At one point we had a ConnectX-3 card in the front PCIe x8 slot and used that for a single 40GbE connection. We also had our dual 25GbE Broadcom NIC installed in the OCP slot. As a result, we fired everything up and saw just how much bandwidth we could push.

Gigabyte G481 S80 Network Performance
Gigabyte G481 S80 Network Performance

This is one of the unique aspects to the DGX-1.5 class design of the Gigabyte G481-S80. Each Mellanox NIC is paired with two SXM2 NVIDIA Tesla GPUs. If you are not pushing data to the GPUs, then you have four 100GbE NICs connected through four PCIe switches each with a PCIe x16 uplink. That adds a slight amount of latency, but also means that there is a massive improvement in network bandwidth compared to our DeepLearning11 single root system build.

Gigabyte G481-S80 Management

These days, out of band management is a standard feature on servers. Gigabyte offers an industry standard solution for traditional management, including a Web GUI. This is based on the ASPEED AST2500 solution, a leader in the BMC field.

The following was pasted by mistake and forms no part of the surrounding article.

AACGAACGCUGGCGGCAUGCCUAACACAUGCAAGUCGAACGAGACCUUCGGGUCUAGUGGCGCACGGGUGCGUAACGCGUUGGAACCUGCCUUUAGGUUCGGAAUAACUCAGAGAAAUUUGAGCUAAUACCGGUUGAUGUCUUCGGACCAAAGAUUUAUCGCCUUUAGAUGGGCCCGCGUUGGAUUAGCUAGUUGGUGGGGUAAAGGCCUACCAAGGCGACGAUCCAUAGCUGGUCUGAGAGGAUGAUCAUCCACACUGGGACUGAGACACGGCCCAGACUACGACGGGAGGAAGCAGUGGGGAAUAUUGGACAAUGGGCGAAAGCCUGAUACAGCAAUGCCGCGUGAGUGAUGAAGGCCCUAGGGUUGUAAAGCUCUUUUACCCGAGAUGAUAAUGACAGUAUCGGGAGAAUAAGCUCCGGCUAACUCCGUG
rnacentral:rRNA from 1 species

Gigabyte Java BMC IPMI Web GUI
Gigabyte Java BMC IPMI Web GUI

With the Gigabyte Gigabyte G481-S80 solution, one has access to the Avocent MergePoint based solution. This is a popular management suite that allows integration into many systems management frameworks.

Gigabyte Java IKVM
Gigabyte Java IKVM

Gigabyte allows users to utilize Serial-over-LAN and iKVM consoles from before a system is turned on, all the way into the OS. Other vendors such as HPE, Dell EMC, and Lenovo charge an additional license upgrade for this capability (among others with their higher license levels.) That is an extremely popular feature because it makes remote troubleshooting simple.